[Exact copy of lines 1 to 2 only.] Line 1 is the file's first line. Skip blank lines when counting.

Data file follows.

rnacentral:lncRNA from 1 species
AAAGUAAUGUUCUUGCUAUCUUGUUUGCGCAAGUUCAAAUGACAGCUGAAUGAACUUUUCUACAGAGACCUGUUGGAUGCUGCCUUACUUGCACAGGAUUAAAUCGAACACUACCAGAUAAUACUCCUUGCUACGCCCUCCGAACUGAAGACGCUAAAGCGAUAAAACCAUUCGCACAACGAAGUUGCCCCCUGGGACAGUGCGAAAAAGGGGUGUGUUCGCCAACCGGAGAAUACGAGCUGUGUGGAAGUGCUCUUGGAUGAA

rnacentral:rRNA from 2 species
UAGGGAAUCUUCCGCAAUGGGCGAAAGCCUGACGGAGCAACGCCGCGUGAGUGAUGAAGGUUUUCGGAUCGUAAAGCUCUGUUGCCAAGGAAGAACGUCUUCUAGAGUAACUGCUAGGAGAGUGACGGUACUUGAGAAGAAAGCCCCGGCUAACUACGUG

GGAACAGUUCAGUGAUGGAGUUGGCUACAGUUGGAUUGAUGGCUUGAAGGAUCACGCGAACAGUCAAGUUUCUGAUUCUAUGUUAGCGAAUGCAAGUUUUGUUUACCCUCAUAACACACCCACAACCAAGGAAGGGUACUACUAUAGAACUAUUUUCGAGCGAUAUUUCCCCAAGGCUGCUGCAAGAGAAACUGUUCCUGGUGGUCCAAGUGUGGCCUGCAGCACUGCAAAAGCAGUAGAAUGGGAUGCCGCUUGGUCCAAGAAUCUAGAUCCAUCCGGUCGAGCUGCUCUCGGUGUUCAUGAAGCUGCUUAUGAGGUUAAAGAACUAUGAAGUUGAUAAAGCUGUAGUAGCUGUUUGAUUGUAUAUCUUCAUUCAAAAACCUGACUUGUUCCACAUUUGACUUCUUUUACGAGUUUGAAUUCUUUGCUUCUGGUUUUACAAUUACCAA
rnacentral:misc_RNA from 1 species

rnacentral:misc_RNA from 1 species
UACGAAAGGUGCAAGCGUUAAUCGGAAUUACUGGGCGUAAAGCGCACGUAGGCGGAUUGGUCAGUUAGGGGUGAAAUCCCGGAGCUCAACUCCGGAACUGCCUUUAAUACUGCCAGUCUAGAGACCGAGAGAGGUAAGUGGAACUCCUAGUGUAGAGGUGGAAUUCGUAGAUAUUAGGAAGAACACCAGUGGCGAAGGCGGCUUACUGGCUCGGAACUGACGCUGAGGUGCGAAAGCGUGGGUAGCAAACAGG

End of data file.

rnacentral:lncRNA from 1 species
AAAGUAAUGUUCUUGCUAUCUUGUUUGCGCAAGUUCAAAUGACAGCUGAAUGAACUUUUCUACAGAGACCUGUUGGAUGCUGCCUUACUUGCACAGGAUUAAAUCGAACACUACCAGAUAAUACUCCUUGCUACGCCCUCCGAACUGAAGACGCUAAAGCGAUAAAACCAUUCGCACAACGAAGUUGCCCCCUGGGACAGUGCGAAAAAGGGGUGUGUUCGCCAACCGGAGAAUACGAGCUGUGUGGAAGUGCUCUUGGAUGAA